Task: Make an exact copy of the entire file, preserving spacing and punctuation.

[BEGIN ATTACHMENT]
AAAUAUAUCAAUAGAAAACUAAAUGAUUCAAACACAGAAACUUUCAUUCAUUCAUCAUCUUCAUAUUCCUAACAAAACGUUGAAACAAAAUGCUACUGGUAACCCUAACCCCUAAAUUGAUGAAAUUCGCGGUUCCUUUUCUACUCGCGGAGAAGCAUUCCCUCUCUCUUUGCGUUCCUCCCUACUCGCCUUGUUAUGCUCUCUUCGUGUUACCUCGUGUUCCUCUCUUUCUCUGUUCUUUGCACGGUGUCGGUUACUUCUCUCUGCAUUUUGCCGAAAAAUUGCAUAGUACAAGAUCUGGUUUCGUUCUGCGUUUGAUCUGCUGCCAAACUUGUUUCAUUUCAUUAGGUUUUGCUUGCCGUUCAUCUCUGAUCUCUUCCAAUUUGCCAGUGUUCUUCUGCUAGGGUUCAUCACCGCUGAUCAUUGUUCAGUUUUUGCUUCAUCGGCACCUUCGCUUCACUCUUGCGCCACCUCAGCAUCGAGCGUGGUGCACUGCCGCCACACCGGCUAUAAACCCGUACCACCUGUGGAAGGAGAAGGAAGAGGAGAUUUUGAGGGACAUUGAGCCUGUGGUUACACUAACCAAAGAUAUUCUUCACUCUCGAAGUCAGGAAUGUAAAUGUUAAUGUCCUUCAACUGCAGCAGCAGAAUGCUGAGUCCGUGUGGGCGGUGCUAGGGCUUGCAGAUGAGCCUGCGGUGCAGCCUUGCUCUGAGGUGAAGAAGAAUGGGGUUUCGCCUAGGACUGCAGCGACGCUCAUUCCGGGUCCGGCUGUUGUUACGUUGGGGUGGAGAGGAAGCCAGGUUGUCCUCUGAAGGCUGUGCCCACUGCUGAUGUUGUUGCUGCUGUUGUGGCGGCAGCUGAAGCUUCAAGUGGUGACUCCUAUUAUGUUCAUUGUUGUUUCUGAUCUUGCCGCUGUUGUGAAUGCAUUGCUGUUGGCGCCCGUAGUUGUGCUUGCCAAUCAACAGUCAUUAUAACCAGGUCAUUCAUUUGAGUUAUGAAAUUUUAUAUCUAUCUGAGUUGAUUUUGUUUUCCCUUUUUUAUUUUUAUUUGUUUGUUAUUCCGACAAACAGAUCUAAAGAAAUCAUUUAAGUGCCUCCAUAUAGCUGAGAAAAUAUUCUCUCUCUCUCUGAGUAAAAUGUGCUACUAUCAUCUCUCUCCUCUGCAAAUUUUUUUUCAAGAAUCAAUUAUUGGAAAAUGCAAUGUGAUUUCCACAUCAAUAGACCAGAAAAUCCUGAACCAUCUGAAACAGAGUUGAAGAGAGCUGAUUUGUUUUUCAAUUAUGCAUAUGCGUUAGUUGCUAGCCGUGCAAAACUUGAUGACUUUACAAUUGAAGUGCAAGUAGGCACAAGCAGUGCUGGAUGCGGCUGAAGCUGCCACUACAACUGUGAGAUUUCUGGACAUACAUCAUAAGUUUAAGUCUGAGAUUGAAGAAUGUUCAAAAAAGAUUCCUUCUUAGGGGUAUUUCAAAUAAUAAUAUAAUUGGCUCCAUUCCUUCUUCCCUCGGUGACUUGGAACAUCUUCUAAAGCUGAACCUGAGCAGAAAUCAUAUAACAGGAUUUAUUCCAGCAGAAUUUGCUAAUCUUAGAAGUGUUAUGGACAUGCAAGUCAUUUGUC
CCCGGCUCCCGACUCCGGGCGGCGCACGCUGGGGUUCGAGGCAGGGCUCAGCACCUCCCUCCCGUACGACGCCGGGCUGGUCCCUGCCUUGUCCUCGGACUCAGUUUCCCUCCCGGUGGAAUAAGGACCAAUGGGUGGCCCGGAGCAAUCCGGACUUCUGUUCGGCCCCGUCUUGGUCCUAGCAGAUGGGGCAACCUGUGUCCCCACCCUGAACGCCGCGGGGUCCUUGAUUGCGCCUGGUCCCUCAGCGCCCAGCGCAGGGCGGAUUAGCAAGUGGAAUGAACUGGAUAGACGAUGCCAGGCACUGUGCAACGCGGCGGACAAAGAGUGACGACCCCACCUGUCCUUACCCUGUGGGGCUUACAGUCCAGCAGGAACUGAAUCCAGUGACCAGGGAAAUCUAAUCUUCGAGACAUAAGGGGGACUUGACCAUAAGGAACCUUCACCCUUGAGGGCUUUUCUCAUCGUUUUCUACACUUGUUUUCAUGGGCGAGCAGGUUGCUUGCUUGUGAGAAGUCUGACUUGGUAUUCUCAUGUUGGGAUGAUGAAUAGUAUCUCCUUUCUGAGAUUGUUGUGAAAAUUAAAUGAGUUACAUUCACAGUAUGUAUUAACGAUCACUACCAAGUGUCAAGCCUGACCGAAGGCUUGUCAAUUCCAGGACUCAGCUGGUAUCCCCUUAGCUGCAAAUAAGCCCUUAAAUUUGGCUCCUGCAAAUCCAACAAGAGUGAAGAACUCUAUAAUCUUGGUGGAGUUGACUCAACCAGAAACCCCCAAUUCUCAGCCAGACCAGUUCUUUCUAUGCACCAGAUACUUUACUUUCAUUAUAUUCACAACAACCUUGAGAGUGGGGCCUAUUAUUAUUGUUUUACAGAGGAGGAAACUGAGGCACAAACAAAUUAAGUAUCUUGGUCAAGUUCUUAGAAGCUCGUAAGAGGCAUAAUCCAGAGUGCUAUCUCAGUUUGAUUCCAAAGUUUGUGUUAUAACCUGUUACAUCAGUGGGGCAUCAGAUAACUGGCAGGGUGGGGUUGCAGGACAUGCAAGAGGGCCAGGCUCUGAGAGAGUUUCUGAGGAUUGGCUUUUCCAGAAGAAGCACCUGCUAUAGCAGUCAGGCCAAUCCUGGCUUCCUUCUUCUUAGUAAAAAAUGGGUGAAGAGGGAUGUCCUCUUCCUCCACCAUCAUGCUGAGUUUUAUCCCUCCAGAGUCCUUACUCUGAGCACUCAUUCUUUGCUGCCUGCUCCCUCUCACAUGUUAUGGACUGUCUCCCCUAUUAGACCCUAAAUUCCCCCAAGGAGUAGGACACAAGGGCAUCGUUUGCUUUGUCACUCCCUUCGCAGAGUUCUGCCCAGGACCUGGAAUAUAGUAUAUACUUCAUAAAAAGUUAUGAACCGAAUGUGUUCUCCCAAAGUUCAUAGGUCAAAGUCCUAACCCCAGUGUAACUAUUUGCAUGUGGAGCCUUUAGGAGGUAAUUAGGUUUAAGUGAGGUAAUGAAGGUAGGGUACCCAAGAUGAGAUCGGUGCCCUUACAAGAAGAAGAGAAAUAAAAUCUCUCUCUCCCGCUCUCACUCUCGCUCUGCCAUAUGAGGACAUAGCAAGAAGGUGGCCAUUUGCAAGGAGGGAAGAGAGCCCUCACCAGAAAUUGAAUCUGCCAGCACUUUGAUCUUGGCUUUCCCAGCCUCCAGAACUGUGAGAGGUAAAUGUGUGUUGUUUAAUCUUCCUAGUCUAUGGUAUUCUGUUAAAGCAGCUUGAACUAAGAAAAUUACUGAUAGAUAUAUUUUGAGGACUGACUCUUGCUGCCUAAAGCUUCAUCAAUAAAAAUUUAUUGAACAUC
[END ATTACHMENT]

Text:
AAAUAUAUCAAUAGAAAACUAAAUGAUUCAAACACAGAAACUUUCAUUCAUUCAUCAUCUUCAUAUUCCUAACAAAACGUUGAAACAAAAUGCUACUGGUAACCCUAACCCCUAAAUUGAUGAAAUUCGCGGUUCCUUUUCUACUCGCGGAGAAGCAUUCCCUCUCUCUUUGCGUUCCUCCCUACUCGCCUUGUUAUGCUCUCUUCGUGUUACCUCGUGUUCCUCUCUUUCUCUGUUCUUUGCACGGUGUCGGUUACUUCUCUCUGCAUUUUGCCGAAAAAUUGCAUAGUACAAGAUCUGGUUUCGUUCUGCGUUUGAUCUGCUGCCAAACUUGUUUCAUUUCAUUAGGUUUUGCUUGCCGUUCAUCUCUGAUCUCUUCCAAUUUGCCAGUGUUCUUCUGCUAGGGUUCAUCACCGCUGAUCAUUGUUCAGUUUUUGCUUCAUCGGCACCUUCGCUUCACUCUUGCGCCACCUCAGCAUCGAGCGUGGUGCACUGCCGCCACACCGGCUAUAAACCCGUACCACCUGUGGAAGGAGAAGGAAGAGGAGAUUUUGAGGGACAUUGAGCCUGUGGUUACACUAACCAAAGAUAUUCUUCACUCUCGAAGUCAGGAAUGUAAAUGUUAAUGUCCUUCAACUGCAGCAGCAGAAUGCUGAGUCCGUGUGGGCGGUGCUAGGGCUUGCAGAUGAGCCUGCGGUGCAGCCUUGCUCUGAGGUGAAGAAGAAUGGGGUUUCGCCUAGGACUGCAGCGACGCUCAUUCCGGGUCCGGCUGUUGUUACGUUGGGGUGGAGAGGAAGCCAGGUUGUCCUCUGAAGGCUGUGCCCACUGCUGAUGUUGUUGCUGCUGUUGUGGCGGCAGCUGAAGCUUCAAGUGGUGACUCCUAUUAUGUUCAUUGUUGUUUCUGAUCUUGCCGCUGUUGUGAAUGCAUUGCUGUUGGCGCCCGUAGUUGUGCUUGCCAAUCAACAGUCAUUAUAACCAGGUCAUUCAUUUGAGUUAUGAAAUUUUAUAUCUAUCUGAGUUGAUUUUGUUUUCCCUUUUUUAUUUUUAUUUGUUUGUUAUUCCGACAAACAGAUCUAAAGAAAUCAUUUAAGUGCCUCCAUAUAGCUGAGAAAAUAUUCUCUCUCUCUCUGAGUAAAAUGUGCUACUAUCAUCUCUCUCCUCUGCAAAUUUUUUUUCAAGAAUCAAUUAUUGGAAAAUGCAAUGUGAUUUCCACAUCAAUAGACCAGAAAAUCCUGAACCAUCUGAAACAGAGUUGAAGAGAGCUGAUUUGUUUUUCAAUUAUGCAUAUGCGUUAGUUGCUAGCCGUGCAAAACUUGAUGACUUUACAAUUGAAGUGCAAGUAGGCACAAGCAGUGCUGGAUGCGGCUGAAGCUGCCACUACAACUGUGAGAUUUCUGGACAUACAUCAUAAGUUUAAGUCUGAGAUUGAAGAAUGUUCAAAAAAGAUUCCUUCUUAGGGGUAUUUCAAAUAAUAAUAUAAUUGGCUCCAUUCCUUCUUCCCUCGGUGACUUGGAACAUCUUCUAAAGCUGAACCUGAGCAGAAAUCAUAUAACAGGAUUUAUUCCAGCAGAAUUUGCUAAUCUUAGAAGUGUUAUGGACAUGCAAGUCAUUUGUC
CCCGGCUCCCGACUCCGGGCGGCGCACGCUGGGGUUCGAGGCAGGGCUCAGCACCUCCCUCCCGUACGACGCCGGGCUGGUCCCUGCCUUGUCCUCGGACUCAGUUUCCCUCCCGGUGGAAUAAGGACCAAUGGGUGGCCCGGAGCAAUCCGGACUUCUGUUCGGCCCCGUCUUGGUCCUAGCAGAUGGGGCAACCUGUGUCCCCACCCUGAACGCCGCGGGGUCCUUGAUUGCGCCUGGUCCCUCAGCGCCCAGCGCAGGGCGGAUUAGCAAGUGGAAUGAACUGGAUAGACGAUGCCAGGCACUGUGCAACGCGGCGGACAAAGAGUGACGACCCCACCUGUCCUUACCCUGUGGGGCUUACAGUCCAGCAGGAACUGAAUCCAGUGACCAGGGAAAUCUAAUCUUCGAGACAUAAGGGGGACUUGACCAUAAGGAACCUUCACCCUUGAGGGCUUUUCUCAUCGUUUUCUACACUUGUUUUCAUGGGCGAGCAGGUUGCUUGCUUGUGAGAAGUCUGACUUGGUAUUCUCAUGUUGGGAUGAUGAAUAGUAUCUCCUUUCUGAGAUUGUUGUGAAAAUUAAAUGAGUUACAUUCACAGUAUGUAUUAACGAUCACUACCAAGUGUCAAGCCUGACCGAAGGCUUGUCAAUUCCAGGACUCAGCUGGUAUCCCCUUAGCUGCAAAUAAGCCCUUAAAUUUGGCUCCUGCAAAUCCAACAAGAGUGAAGAACUCUAUAAUCUUGGUGGAGUUGACUCAACCAGAAACCCCCAAUUCUCAGCCAGACCAGUUCUUUCUAUGCACCAGAUACUUUACUUUCAUUAUAUUCACAACAACCUUGAGAGUGGGGCCUAUUAUUAUUGUUUUACAGAGGAGGAAACUGAGGCACAAACAAAUUAAGUAUCUUGGUCAAGUUCUUAGAAGCUCGUAAGAGGCAUAAUCCAGAGUGCUAUCUCAGUUUGAUUCCAAAGUUUGUGUUAUAACCUGUUACAUCAGUGGGGCAUCAGAUAACUGGCAGGGUGGGGUUGCAGGACAUGCAAGAGGGCCAGGCUCUGAGAGAGUUUCUGAGGAUUGGCUUUUCCAGAAGAAGCACCUGCUAUAGCAGUCAGGCCAAUCCUGGCUUCCUUCUUCUUAGUAAAAAAUGGGUGAAGAGGGAUGUCCUCUUCCUCCACCAUCAUGCUGAGUUUUAUCCCUCCAGAGUCCUUACUCUGAGCACUCAUUCUUUGCUGCCUGCUCCCUCUCACAUGUUAUGGACUGUCUCCCCUAUUAGACCCUAAAUUCCCCCAAGGAGUAGGACACAAGGGCAUCGUUUGCUUUGUCACUCCCUUCGCAGAGUUCUGCCCAGGACCUGGAAUAUAGUAUAUACUUCAUAAAAAGUUAUGAACCGAAUGUGUUCUCCCAAAGUUCAUAGGUCAAAGUCCUAACCCCAGUGUAACUAUUUGCAUGUGGAGCCUUUAGGAGGUAAUUAGGUUUAAGUGAGGUAAUGAAGGUAGGGUACCCAAGAUGAGAUCGGUGCCCUUACAAGAAGAAGAGAAAUAAAAUCUCUCUCUCCCGCUCUCACUCUCGCUCUGCCAUAUGAGGACAUAGCAAGAAGGUGGCCAUUUGCAAGGAGGGAAGAGAGCCCUCACCAGAAAUUGAAUCUGCCAGCACUUUGAUCUUGGCUUUCCCAGCCUCCAGAACUGUGAGAGGUAAAUGUGUGUUGUUUAAUCUUCCUAGUCUAUGGUAUUCUGUUAAAGCAGCUUGAACUAAGAAAAUUACUGAUAGAUAUAUUUUGAGGACUGACUCUUGCUGCCUAAAGCUUCAUCAAUAAAAAUUUAUUGAACAUC